Part 3 :: Preserving 101


This may look like the “scary part” of learning to preserve food, but relax: most of the guidelines are common sense. To avoid contamination, food safety and proper handling are paramount when it comes to canning to ensure a healthy product. However, we’ll guide you through your first canning experience step-by-step and by the time you’re ready to place the fruits of your labor on the pantry shelf, you’ll have the confidence and knowledge to make your next batch of preserves.

Before you begin your first preserving project, purchase a good reference book, such as Ball Complete Book of Home Preserving and keep it handy. Even the most experienced cook needs to look up processing times or double check a recipe at some point. This book will familiarize you with canning equipment, terms, safe food handling and preserving procedures. Note: Buy the most recent publication of canning guides, and don’t use the one from your mother’s cookbook collection from the 60s. Newer publications have safety standards and procedures that may differ from older guidelines.

Sterilizing Jars and Lids

Jars and lids must be sterilized for preserving and pickling. Wash jars by hand in hot, sudsy water and rinse thoroughly with scalding water. Or, if you have a newer dishwasher, put jars through the sanitizing cycle. Preheat oven to 225°F. Place jars on a rimmed baking sheet and place in oven for at least 20 minutes before filling. To avoid breakage, jars must be hot when filled with hot product. Place the separated lids and screw bands in a shallow bowl. Just before filling the jars, cover the lids and screw bands with enough boiling water to cover. This will soften the rubber ring slightly. Do not place lids on direct heat in boiling water.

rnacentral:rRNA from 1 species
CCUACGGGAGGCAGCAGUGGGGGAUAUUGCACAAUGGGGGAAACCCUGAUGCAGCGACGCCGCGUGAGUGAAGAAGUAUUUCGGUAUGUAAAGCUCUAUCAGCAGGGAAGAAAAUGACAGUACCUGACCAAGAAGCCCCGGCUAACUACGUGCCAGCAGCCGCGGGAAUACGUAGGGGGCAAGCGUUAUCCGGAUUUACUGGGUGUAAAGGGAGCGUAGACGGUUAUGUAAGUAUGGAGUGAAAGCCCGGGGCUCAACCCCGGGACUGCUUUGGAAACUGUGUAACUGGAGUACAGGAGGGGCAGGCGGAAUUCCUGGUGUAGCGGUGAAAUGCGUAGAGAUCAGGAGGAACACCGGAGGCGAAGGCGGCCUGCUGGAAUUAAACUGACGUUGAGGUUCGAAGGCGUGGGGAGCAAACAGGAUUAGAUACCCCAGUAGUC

Filling and Sealing the Jars

Prepare the “filling station” of the kitchen, preferably fairly close to the stovetop. (You don’t want to carry heavy, boiling hot pots of preserves very far.) Line an area with several large dishtowels to create a slightly padded mat. Place the hot jars to be filled on the dishtowels. Dishtowels provide traction and prevent jars from slipping on slick counters. In addition, they provide a buffer zone between the cold tile or granite of your countertop surface and the hot jars. In the event a jar with hot product is accidentally knocked over, the dishtowels provide immediate absorbency and prevent the hot contents from spilling onto you or the floor.

For jams, preserves and jellies, place the canning funnel on the jar and fill to 1/2 inch from the top of the jar. This allows for headspace, which is necessary to create a vacuum to form when food is processed and expands in the jar. For the first few batches of preserves, before you start, get out a ruler and measure 1/2 inch from the top of a jar to give you a visual cue. Some funnels have a bottom rim that is about a 1/2 inch and this makes a great visual template to follow.

Clean the rim of the jar with a clean, damp towel to remove any drips. Place a lid on top of the rim and firmly screw on the metal band.

Hot Water Bath